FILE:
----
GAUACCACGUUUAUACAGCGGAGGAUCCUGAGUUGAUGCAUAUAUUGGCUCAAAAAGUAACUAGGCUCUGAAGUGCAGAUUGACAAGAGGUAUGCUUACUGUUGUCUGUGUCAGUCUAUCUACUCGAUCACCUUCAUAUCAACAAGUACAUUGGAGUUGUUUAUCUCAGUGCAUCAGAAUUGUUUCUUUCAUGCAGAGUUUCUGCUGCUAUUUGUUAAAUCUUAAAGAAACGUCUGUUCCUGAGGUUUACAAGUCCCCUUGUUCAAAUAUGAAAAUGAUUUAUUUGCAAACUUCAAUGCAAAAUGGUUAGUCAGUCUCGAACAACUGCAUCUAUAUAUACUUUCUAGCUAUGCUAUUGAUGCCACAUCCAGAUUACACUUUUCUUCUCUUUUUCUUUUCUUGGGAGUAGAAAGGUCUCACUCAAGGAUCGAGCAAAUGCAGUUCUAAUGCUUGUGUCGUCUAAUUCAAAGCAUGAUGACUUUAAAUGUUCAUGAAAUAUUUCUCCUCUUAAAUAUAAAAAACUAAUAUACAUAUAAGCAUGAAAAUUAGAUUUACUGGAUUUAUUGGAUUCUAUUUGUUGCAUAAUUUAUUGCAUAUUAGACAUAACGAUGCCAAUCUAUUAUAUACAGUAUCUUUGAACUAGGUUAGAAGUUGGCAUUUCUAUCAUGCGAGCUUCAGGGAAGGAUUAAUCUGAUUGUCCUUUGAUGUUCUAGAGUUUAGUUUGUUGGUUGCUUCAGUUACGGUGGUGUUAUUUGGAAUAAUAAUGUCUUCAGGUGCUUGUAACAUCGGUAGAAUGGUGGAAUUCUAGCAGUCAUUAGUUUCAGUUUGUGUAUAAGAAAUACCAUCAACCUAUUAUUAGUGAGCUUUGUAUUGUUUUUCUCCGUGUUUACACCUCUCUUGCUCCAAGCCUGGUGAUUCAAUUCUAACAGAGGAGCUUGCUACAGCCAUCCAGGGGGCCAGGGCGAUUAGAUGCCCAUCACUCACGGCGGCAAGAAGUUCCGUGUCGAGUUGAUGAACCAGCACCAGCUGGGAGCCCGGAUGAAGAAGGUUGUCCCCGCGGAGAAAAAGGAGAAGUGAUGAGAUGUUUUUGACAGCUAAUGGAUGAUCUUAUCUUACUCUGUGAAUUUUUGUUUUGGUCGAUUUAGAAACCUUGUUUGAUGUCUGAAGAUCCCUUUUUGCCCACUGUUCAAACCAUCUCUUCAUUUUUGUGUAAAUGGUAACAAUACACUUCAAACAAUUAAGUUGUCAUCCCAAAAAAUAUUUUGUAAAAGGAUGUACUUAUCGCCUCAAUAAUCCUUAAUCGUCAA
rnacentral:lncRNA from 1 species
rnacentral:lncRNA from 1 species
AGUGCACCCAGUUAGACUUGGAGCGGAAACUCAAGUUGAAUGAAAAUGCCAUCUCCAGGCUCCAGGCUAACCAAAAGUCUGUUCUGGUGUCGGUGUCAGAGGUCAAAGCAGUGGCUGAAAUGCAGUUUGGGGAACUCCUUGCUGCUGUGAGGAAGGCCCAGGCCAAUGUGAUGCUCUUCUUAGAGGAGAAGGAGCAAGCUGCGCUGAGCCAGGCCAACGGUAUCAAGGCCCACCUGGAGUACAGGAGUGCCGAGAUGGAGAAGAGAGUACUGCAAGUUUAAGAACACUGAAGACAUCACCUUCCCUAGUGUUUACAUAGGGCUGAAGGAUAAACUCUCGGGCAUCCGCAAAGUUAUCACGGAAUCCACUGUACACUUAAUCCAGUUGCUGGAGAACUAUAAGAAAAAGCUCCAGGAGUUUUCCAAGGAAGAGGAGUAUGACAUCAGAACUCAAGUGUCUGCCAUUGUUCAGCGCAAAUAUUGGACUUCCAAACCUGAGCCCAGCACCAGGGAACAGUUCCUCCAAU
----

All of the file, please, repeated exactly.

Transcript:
GAUACCACGUUUAUACAGCGGAGGAUCCUGAGUUGAUGCAUAUAUUGGCUCAAAAAGUAACUAGGCUCUGAAGUGCAGAUUGACAAGAGGUAUGCUUACUGUUGUCUGUGUCAGUCUAUCUACUCGAUCACCUUCAUAUCAACAAGUACAUUGGAGUUGUUUAUCUCAGUGCAUCAGAAUUGUUUCUUUCAUGCAGAGUUUCUGCUGCUAUUUGUUAAAUCUUAAAGAAACGUCUGUUCCUGAGGUUUACAAGUCCCCUUGUUCAAAUAUGAAAAUGAUUUAUUUGCAAACUUCAAUGCAAAAUGGUUAGUCAGUCUCGAACAACUGCAUCUAUAUAUACUUUCUAGCUAUGCUAUUGAUGCCACAUCCAGAUUACACUUUUCUUCUCUUUUUCUUUUCUUGGGAGUAGAAAGGUCUCACUCAAGGAUCGAGCAAAUGCAGUUCUAAUGCUUGUGUCGUCUAAUUCAAAGCAUGAUGACUUUAAAUGUUCAUGAAAUAUUUCUCCUCUUAAAUAUAAAAAACUAAUAUACAUAUAAGCAUGAAAAUUAGAUUUACUGGAUUUAUUGGAUUCUAUUUGUUGCAUAAUUUAUUGCAUAUUAGACAUAACGAUGCCAAUCUAUUAUAUACAGUAUCUUUGAACUAGGUUAGAAGUUGGCAUUUCUAUCAUGCGAGCUUCAGGGAAGGAUUAAUCUGAUUGUCCUUUGAUGUUCUAGAGUUUAGUUUGUUGGUUGCUUCAGUUACGGUGGUGUUAUUUGGAAUAAUAAUGUCUUCAGGUGCUUGUAACAUCGGUAGAAUGGUGGAAUUCUAGCAGUCAUUAGUUUCAGUUUGUGUAUAAGAAAUACCAUCAACCUAUUAUUAGUGAGCUUUGUAUUGUUUUUCUCCGUGUUUACACCUCUCUUGCUCCAAGCCUGGUGAUUCAAUUCUAACAGAGGAGCUUGCUACAGCCAUCCAGGGGGCCAGGGCGAUUAGAUGCCCAUCACUCACGGCGGCAAGAAGUUCCGUGUCGAGUUGAUGAACCAGCACCAGCUGGGAGCCCGGAUGAAGAAGGUUGUCCCCGCGGAGAAAAAGGAGAAGUGAUGAGAUGUUUUUGACAGCUAAUGGAUGAUCUUAUCUUACUCUGUGAAUUUUUGUUUUGGUCGAUUUAGAAACCUUGUUUGAUGUCUGAAGAUCCCUUUUUGCCCACUGUUCAAACCAUCUCUUCAUUUUUGUGUAAAUGGUAACAAUACACUUCAAACAAUUAAGUUGUCAUCCCAAAAAAUAUUUUGUAAAAGGAUGUACUUAUCGCCUCAAUAAUCCUUAAUCGUCAA
rnacentral:lncRNA from 1 species
rnacentral:lncRNA from 1 species
AGUGCACCCAGUUAGACUUGGAGCGGAAACUCAAGUUGAAUGAAAAUGCCAUCUCCAGGCUCCAGGCUAACCAAAAGUCUGUUCUGGUGUCGGUGUCAGAGGUCAAAGCAGUGGCUGAAAUGCAGUUUGGGGAACUCCUUGCUGCUGUGAGGAAGGCCCAGGCCAAUGUGAUGCUCUUCUUAGAGGAGAAGGAGCAAGCUGCGCUGAGCCAGGCCAACGGUAUCAAGGCCCACCUGGAGUACAGGAGUGCCGAGAUGGAGAAGAGAGUACUGCAAGUUUAAGAACACUGAAGACAUCACCUUCCCUAGUGUUUACAUAGGGCUGAAGGAUAAACUCUCGGGCAUCCGCAAAGUUAUCACGGAAUCCACUGUACACUUAAUCCAGUUGCUGGAGAACUAUAAGAAAAAGCUCCAGGAGUUUUCCAAGGAAGAGGAGUAUGACAUCAGAACUCAAGUGUCUGCCAUUGUUCAGCGCAAAUAUUGGACUUCCAAACCUGAGCCCAGCACCAGGGAACAGUUCCUCCAAU